Following months of speculation, Congress has leaked plans for a sweeping reform to U.S. sports betting, laying out plans for federal oversight as well as a mandate for sportsbooks to use league-sanctioned data.
Championed by Utah Sen. Orrin Hatch, a longtime gambling opponent, the bill faces significant obstacles in Congress, particularly from a growing number of states that have or plan to create their own regulations.
ESPN reports the bill would require the U.S. attorney general’s office to approve any state-sponsored sports betting regulations. It remains to be seen how that would impact the eight states that take bets now, or the handful of others that may do so in the coming months.
Some industry observers believe this federal oversight may sink the bill politically before it gains any traction on Capitol Hill. State legislatures are unlikely to support another level of regulation and congressional representatives from gambling-friendly state are also unlikely to agree with further restrictions on their home jurisdictions.
A layer of federal approval may also run afoul of the Supreme Court ruling earlier year that struck down the federal ban in the first place. The court ruled federal restrictions violated the 10th Amendment by commandeering the states’ rights to govern themselves. An approval requirement from a federal agency would assuredly be challenged in court and could fall under that same ruling.
Aside from attorney general approval, the bill also lays out federal-level solutions to major issues in the sports betting legalization process.
The bill requires all sportsbooks to use official data sanctioned by sports leagues until at least 2023. The leagues have pushed for this requirement as it would be a possible financial boon if the sportsbooks were in turn required to purchase the data from the leagues themselves.
Current legislation doesn’t include so-called “integrity fees,” which sporting organizations have also sought. With sports betting more readily available in the wake of the Supreme Court decision, sports leagues argued they needed a portion of betting profits in order to combat outside corruption.
This request was largely dismissed by state legislators across the country, and has been mostly abandoned by the leagues.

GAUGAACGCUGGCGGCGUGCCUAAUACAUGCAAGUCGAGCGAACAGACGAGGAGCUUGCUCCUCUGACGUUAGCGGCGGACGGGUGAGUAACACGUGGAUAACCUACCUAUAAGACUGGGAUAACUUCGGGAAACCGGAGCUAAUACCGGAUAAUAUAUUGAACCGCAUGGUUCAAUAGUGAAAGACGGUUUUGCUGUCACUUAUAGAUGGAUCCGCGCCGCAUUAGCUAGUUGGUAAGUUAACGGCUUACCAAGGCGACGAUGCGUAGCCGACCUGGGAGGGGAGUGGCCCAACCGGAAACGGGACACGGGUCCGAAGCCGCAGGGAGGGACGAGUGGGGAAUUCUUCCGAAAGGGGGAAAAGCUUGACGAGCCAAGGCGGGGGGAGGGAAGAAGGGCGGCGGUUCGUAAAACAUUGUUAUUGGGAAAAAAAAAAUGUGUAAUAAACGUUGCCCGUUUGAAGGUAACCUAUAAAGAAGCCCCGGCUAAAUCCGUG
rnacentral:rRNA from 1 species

None of the eight states with legal betting, or any of the nearly two dozen considering doing so, have seriously considered a cut of revenues for leagues in order to protect the “integrity” of games from gambling. Leagues now wrap their pitch around fair compensation for their data, which would be bolstered by Hatch’s bill.
Other facets would likely prove less controversial. The bill calls for a federal “clearinghouse” to monitor bets. This could help combat suspicious betting patterns or nefarious external influences on competitions, which would be to the best interest of gambling purveyors and the leagues alike.
It would also drastically reform the Wire Act of 1961, a thorn in the side of sports betting expansion.
The current act prevents betting across state lines, but Hatch’s bill would relax that provision and allow sports betting operators to arrange compact with other states featuring legal wagering. In theory, this could match the online poker compact shared by New Jersey, Nevada and Delaware, which allows players in one of these states to play with operator services or players located in one of the other two jurisdictions.
Passing any legislation is an arduous process on the Hill, especially in the nation’s contemporary political environment. That’s just the first of this bill’s problems.
Along with likely political pushback from a federal oversight framework, the bill is losing its chief patron. Hatch, the Senate president pro tempore, is leaving office in January. A co-author of the original federal ban in 1992, he is one of the few remaining influential anti-gambling advocates in Congress and there appears to be no one stepping up to take that mantle.
Senate Minority Leader Chuck Schumer has publicly called for a federal framework, but his office has yet to announce a bill and sports betting has not been a priority for many lawmakers in Congress. Schumer also represents New York, which has had a relatively progressive stance toward gambling in recent years and is seriously considering a sports betting legalization measure of its own in the coming months.
As with most federal efforts, the Hatch bill has not been well received by gambling stakeholders. The American Gaming Association, the nation’s largest gambling advocacy group, came out against the bill. AGA Vice President of Government Relations Chris Cylke said the bill was “not necessary” in a statement earlier this week.
The draft bill also faces a new set of elected officials when, and if, it’s even introduced in a Senate committee. Democrats will take over the House of Representatives in January with little inclination that it will support a sweeping federal regulatory framework for legalized gambling.
Gambling stakeholders and affiliated parties are, obviously, scrutinizing any and all pertinent legislation emanating from the Capitol. But this effort, long touted by a leading anti-gambling voice in Hatch, seems unlikely to gain momentum, let alone passage, when the 116th Congress convenes in January.
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